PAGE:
M.D., Ph.D. National Taiwan University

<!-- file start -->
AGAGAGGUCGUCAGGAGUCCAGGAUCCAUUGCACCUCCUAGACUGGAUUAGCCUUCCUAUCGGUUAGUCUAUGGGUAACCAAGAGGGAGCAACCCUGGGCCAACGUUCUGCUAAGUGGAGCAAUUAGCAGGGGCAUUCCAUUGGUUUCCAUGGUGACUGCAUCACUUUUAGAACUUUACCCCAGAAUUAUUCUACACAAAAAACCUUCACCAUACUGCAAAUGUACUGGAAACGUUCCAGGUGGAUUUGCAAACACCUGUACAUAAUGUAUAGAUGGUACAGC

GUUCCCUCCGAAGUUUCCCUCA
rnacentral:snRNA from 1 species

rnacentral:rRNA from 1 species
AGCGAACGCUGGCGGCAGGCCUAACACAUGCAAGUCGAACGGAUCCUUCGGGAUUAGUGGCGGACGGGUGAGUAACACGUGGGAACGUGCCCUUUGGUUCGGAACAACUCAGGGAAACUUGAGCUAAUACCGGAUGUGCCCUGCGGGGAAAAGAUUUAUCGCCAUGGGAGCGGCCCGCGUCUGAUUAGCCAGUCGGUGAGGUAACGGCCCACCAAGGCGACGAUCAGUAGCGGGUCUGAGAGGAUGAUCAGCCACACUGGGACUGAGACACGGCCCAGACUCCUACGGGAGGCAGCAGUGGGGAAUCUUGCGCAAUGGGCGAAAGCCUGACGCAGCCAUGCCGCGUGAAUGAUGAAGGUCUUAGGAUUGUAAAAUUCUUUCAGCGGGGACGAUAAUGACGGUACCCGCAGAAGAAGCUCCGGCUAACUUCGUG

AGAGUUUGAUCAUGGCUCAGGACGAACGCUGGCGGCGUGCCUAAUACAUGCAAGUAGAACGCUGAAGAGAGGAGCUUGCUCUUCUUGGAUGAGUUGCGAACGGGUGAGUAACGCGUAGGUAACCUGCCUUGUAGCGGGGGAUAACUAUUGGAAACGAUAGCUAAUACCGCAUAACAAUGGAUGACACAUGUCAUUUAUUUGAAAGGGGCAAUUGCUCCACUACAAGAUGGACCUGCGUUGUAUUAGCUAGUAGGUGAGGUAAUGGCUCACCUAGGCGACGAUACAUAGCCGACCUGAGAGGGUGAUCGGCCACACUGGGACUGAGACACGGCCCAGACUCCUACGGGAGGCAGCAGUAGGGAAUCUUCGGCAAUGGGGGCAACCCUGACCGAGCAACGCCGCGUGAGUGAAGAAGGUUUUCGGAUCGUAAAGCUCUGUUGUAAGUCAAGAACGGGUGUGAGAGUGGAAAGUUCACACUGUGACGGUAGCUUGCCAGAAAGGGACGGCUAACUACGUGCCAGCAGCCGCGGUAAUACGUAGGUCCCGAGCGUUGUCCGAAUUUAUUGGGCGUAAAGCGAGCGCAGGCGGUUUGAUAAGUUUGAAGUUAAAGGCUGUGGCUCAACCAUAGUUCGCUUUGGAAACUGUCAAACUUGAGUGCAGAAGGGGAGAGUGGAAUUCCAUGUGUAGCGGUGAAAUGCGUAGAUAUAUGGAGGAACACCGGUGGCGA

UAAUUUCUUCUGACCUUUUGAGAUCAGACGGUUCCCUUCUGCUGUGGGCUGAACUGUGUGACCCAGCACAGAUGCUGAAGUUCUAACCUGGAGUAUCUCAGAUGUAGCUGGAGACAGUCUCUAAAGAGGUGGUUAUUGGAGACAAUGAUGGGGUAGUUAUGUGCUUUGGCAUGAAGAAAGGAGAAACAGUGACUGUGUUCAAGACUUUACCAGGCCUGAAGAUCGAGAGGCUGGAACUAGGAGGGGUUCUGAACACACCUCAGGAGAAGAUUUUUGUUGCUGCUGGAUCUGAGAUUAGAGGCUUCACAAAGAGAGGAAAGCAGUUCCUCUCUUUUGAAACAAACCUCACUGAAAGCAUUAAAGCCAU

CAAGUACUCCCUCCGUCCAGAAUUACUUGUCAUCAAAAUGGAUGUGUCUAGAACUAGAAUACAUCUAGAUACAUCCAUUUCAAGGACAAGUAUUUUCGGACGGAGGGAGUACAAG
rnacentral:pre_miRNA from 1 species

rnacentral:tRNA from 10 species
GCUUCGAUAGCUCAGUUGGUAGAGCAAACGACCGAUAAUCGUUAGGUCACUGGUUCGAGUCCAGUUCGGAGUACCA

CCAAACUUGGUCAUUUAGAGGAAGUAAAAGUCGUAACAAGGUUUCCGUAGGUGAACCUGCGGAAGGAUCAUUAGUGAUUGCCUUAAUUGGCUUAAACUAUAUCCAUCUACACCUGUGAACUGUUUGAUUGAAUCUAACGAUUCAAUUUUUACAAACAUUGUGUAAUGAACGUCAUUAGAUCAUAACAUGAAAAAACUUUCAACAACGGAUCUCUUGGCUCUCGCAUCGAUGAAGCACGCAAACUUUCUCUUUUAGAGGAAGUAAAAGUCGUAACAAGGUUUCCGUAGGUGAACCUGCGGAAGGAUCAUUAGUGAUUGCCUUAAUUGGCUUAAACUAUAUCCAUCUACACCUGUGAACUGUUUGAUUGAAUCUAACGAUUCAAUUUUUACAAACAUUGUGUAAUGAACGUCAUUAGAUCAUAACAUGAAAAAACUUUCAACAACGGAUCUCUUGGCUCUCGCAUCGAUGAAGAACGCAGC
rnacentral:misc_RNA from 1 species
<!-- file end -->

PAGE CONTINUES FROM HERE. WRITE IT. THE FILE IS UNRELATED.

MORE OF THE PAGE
Targeted-therapy failure in treating nonsmall cell lung cancer (NSCLC) frequently occurs because of the emergence of drug resistance and genetic mutations. The same mutations also result in aerobic glycolysis, which further antagonizes outcomes by localized increases in lactate, an immune suppressor. Recent evidence indicates that enzymatic lowering of lactate can promote an oncolytic immune microenvironment within the tumour. Here, we review factors relating to lactate expression in NSCLC and the utility of lactate oxidase (LOX) for governing therapeutic delivery, its role in lactate oxidation and turnover, and relationships between lactate depletion and immune cell populations. The lactate-rich characteristic of NSCLC provides an exploitable property to potentially improve NSCLC outcomes and design new therapeutic strategies to integrate with conventional therapies.